Mutasa’s sharp suits & many tears

23 Apr, 2017 - 00:04 0 Views
Mutasa’s sharp suits & many tears FATHER . . . Dynamos coach Lloyd Mutasa shares a moment with daughter Paidamoyo during an interview at his home last week— Picture by Tawanda Mudimu

The Sunday Mail

Langton Nyakwenda
DYNAMOS coach Lloyd Mutasa has been crying a lot these days.

If DeMbare, loses Mutasa cries. When the Harare giants win, the gaffer sheds tears, like he did after guiding his side to Uhuru Cup victory on Independence Day last Tuesday.

The Dynamos gaffer’s tears and his wardrobe upgrade have left many bemused.

In a bid to solve the mystery, The Sunday Mail Sport visited Mutasa’s Greendale, Harare home last Thursday where, in front of his wife and mother-in-law, the much-travelled football coach spoke about his tears and new dress sense.

“There are times you feel let down, times when you feel you are trying hard in adverse circumstances and yet people are not appreciating,” an emotional Mutasa said. “Sometimes you feel critics are not being fair. They just talk of Dynamos because they know it as a team formed in 1963 and has won a lot of titles but they do not look at the current settings.”

Mutasa’s wife, Patience, whom he met in Mutare back in 1990 when he was turning out for the now defunct Tanganda FC, also let out her feelings about Mutasa’s job ahead of DeMbare’s tricky Castle Lager Premier Soccer League assignment in Hwange this afternoon.

“Being a wife to a football coach is hard, especially if your husband is coaching a big team like Dynamos. You are never settled. Today you hear that he is under fire, tomorrow you hear he has been given an ultimatum, and yet you can still read in some papers he has become the darling of the fans,” said the 42-year-old school teacher.

Mrs Mutasa, an Anglican, said she was always praying for her husband’s job security.

She fasts on the eve of DeMbare’s matches and prepares Mutasa’s favorite breakfast – sausage and toast – on match day.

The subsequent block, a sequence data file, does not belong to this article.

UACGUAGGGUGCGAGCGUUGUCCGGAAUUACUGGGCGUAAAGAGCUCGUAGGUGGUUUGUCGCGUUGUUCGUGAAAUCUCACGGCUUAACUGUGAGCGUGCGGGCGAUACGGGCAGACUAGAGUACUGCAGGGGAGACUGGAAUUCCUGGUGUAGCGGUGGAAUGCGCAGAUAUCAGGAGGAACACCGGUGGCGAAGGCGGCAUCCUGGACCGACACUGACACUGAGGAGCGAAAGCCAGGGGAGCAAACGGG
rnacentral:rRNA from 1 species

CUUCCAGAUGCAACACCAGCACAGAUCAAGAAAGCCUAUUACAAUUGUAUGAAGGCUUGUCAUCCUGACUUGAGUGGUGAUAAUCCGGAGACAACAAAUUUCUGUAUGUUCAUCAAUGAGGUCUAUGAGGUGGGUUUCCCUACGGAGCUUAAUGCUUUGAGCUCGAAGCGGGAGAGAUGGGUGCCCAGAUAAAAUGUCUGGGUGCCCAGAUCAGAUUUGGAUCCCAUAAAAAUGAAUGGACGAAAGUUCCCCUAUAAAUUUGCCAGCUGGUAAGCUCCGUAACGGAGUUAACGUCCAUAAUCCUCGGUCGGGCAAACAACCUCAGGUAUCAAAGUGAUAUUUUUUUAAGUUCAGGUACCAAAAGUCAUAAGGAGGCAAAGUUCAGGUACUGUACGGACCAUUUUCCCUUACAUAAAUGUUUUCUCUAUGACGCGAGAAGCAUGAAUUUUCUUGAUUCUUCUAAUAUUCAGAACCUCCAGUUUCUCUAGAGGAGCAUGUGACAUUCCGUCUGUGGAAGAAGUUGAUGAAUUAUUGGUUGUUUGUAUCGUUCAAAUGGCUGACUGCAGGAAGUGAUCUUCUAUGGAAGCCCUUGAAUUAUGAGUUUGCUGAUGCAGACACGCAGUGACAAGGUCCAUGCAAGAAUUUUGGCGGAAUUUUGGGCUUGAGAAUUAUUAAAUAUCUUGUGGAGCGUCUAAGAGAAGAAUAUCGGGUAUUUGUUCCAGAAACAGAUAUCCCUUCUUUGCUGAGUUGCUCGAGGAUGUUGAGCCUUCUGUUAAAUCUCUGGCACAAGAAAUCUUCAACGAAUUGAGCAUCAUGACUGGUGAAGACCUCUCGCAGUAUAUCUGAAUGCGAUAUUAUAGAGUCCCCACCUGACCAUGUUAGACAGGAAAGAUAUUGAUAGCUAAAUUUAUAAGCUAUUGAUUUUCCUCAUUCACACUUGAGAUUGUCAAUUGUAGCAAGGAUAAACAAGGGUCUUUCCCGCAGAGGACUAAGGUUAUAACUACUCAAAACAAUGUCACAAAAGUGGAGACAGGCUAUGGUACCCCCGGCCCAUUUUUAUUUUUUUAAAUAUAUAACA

“We have left everything in God’s hands. We both go to the Anglican Church but on the days that he is unable to, especially when he is preparing for a game, I pray for him.

The Uhuru Cup victory last week was a result of massive prayers,” she said.

As Dynamos brace for the Colliery assignment, Mutasa is aware expectations are high among the DeMbare faithful who witnessed their team beat their two biggest rivals in succession last week.

DeMbare edged city rivals Caps United 1-0 in the Uhuru Cup semifinals at the National Sports Stadium on the Sunday before dismissing Highlanders 3-2 on penalties in the final at the same venue on Independence Day.

A first league win is now due.

“Those Uhuru Cup victories gave fans hope and morale among the boys is also high but there is need to keep our feet on the ground. We are moving in the right direction and the target is to do better than last season,” said Mutasa.

Dynamos finished fifth last season, their worst position in a decade, leading to some questioning if Mutasa was the right man for the job.

The bosses at Dynamos have publicly backed him but reports suggest that clandestinely, the Keni Mubaiwa-led executive is skeptical of Mutasa’s ability to lift the team.

Mutasa’s teams have often been criticised for their lack of defensive discipline but the coach – a follower of Barcelona and Liverpool in Europe – insists that he will never park the bus and believes the best way to defend is to attack.

“Yes, we work on the defensive duties at the training ground but we are not believers in parking the bus. Sometimes it is not about having 10 defenders for you to preserve a lead, it is about your system.

“Look at the substitutes we put in at 1-0 lead against Caps United last Sunday, Vale (Ndaba) and Wisdom (Mutasa), they are natural attackers but still we preserved the lead,” said Mutasa.

“That’s the reason why I am enjoying working with Biggie (Zuze) because we belong to the same school of football. He likes youngsters and players who move the ball around. Our system is a combination of Barcelona and Liverpool – building it up from the back and pressing high.”

It is Mutasa’s love for Barcelona and the respect he is given by his players that saw him change his touchline dressing. He has abandoned the tracksuits and is now into elegant suits.

“I said to my family the players call me Father and for them to see me like a true father I have to wear suits. My friends were also pushing me to change my attire. Besides, I am also now inspired by the likes of Pep Guardiola and Luis Enrique’s style of dressing,” Mutasa revealed.

Share This: